Safety 1077 results

Reader report: Westwood warning

This just out of the inbox, from Teresa (thank you!):

Was at the Westwood Starbucks this morning and there apparently is a man that is approaching women and actually trying to touch them inappropriately. One of the employees of Starbucks was calling the police as I was leaving. He apparently approached a grounds worker while I was getting my coffee. PERV!

No word so far if anyone was caught.

West Seattle Crime Watch: 11-year-old robbed; tree hit-run

From the files at the Southwest Precinct: handcuffs_2.jpgWe start with a robbery yesterday afternoon that targeted a very young victim — an 11-year-old boy. He told police he was at the 16th SW/SW Holden bus stop after 3 pm yesterday when three men walked up to him and began “throwing him around,” demanding his iPod Shuffle, then finally knocking him to the ground, pulling it out of his pocket, and taking off. He tried to chase them but stopped when he found a crossing guard at 16th/Myrtle; she called 911 after he told her what happened. The robbers are still on the loose at last report, described as 3 “very dark-skinned” men 18-20 years old, all about 6’tall, all wearing blue jeans. (11 PM UPDATE: A reader tells WSB a note went home today to parents at the victim’s school, telling them what happened and suggesting they remind kids to keep a low profile with valuable items and to walk to and from school in pairs or groups.) Several more notable incidents ahead:Read More

West Seattle crime watch: Break-ins, sheepish vandal, more

handcuffs_2.jpgAmong the latest police reports filed at the Southwest Precinct, here are some of the most notable: In the 4500 block of 56th SW, at least four vehicles were broken into Sunday night-Monday morning. An SUV owner told police that a window was smashed and a GPS was taken; another owner said someone got into three of his vehicles, breaking the window of a truck and stealing a camera and gas card, then looking through the 2 other vehicles without damaging or stealing anything. More ahead:Read More

WS crime watch: Citizen calls help police solve more burglaries

One of the police reports we reviewed at the Seattle Police Southwest Precinct late today got even better with some added information forwarded by Lt. Steve Paulsenhandcuffs_2.jpgturns out that one arrest following a gas-station break-in early yesterday helped detectives solve 9 burglaries in all. It all started just before 5 am Thursday, with calls to police reporting someone smashing in the front door of the Chevron station at 35th and Holden. The callers gave police excellent information — describing the suspect and his car, and which way he headed after he took off. An officer spotted the car, a white T-Bird with a sunroof, at 35th and Morgan, and pulled it over in the 7100 block of Delridge. The car’s registered owner gave police permission to search its trunk, where officers found items including 33 unopened packages of cigarettes. One of the detectives who questioned the suspect, Detective Donald Henderson, picks up the story from there, in an e-mail forwarded to WSB by Lt. Paulsen:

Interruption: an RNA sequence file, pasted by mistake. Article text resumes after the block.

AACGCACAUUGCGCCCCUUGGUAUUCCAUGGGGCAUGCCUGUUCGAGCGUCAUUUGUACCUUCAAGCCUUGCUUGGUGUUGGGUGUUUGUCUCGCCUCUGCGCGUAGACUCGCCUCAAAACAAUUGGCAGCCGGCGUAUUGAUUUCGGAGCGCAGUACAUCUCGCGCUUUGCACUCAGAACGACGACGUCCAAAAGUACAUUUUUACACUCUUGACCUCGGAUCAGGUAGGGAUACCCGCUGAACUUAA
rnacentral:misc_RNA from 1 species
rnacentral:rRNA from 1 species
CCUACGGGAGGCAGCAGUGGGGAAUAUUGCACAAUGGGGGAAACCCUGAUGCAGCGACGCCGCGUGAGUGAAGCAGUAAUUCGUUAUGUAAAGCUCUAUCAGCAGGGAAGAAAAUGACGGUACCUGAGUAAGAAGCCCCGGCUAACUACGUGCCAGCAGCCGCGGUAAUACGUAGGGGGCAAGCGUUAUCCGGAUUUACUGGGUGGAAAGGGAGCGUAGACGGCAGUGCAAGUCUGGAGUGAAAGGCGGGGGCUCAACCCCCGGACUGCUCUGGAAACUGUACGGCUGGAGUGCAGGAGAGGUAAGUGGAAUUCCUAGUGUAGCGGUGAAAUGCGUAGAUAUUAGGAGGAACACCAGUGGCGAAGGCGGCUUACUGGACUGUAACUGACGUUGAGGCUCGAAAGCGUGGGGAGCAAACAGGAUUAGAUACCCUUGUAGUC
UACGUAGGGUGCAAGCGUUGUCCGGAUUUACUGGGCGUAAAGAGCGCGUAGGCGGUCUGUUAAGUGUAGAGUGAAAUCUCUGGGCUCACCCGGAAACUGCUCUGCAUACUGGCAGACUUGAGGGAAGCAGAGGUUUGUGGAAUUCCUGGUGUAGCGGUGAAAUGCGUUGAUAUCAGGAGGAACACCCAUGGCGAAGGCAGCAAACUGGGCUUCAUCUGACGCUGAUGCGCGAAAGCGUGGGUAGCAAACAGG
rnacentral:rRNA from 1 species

A consent to search was obtained from the registered owner. Stolen Property and Burglary Tools were recovered, and placed into evidence. Detectives were able to solve eight commercial burglary cases in West Seattle, and one from North Seattle. Well done to West Seattle Citizens for getting involved, and reporting suspicious activity to 9-1-1.

Lt. Paulsen adds, “This all began with a citizen call and one of our newer police officers on the morning watch (Officer Melissa Wengard). Great example of the public calling in things that don’t look right!” You may recall another WSB report three weeks ago about another stack of burglary cases solved by the Southwest Precinct team. Meantime, here are half a dozen more new and noteworthy West Seattle police reports:Read More

West Seattle crime watch: Relatively quiet New Year’s

handcuffs_2.jpgGood news from our latest review of Seattle Police reports at the Southwest Precinct — no major crimes reported in West Seattle over the New Year’s holiday. Not to say things were completely quiet, of course – here are four incidents of note:Read More

Testing 2 new WSB features; need your feedback!

As of right now, we’re testing two new features – both in hopes of better fulfilling the WSB mission of serving you with West Seattle news, information, and discussion, 24/7/365.